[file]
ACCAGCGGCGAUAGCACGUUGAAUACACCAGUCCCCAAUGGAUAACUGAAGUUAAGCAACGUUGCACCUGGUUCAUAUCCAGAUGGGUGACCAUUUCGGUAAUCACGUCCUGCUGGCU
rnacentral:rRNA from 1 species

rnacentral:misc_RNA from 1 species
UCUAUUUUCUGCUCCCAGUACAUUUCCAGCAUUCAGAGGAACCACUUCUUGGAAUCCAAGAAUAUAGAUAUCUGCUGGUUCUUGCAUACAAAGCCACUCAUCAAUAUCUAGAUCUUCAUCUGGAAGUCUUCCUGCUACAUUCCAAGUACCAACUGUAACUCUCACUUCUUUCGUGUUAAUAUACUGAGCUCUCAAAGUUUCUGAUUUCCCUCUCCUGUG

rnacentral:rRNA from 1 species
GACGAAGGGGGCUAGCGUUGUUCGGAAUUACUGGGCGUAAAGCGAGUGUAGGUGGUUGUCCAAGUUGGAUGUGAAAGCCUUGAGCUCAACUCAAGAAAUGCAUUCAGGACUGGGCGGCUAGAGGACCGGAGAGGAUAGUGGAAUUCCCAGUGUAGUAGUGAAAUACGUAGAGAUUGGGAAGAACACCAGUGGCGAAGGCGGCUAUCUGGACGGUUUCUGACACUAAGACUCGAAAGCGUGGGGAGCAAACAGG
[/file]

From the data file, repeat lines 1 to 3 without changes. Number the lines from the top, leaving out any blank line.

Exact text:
ACCAGCGGCGAUAGCACGUUGAAUACACCAGUCCCCAAUGGAUAACUGAAGUUAAGCAACGUUGCACCUGGUUCAUAUCCAGAUGGGUGACCAUUUCGGUAAUCACGUCCUGCUGGCU
rnacentral:rRNA from 1 species

rnacentral:misc_RNA from 1 species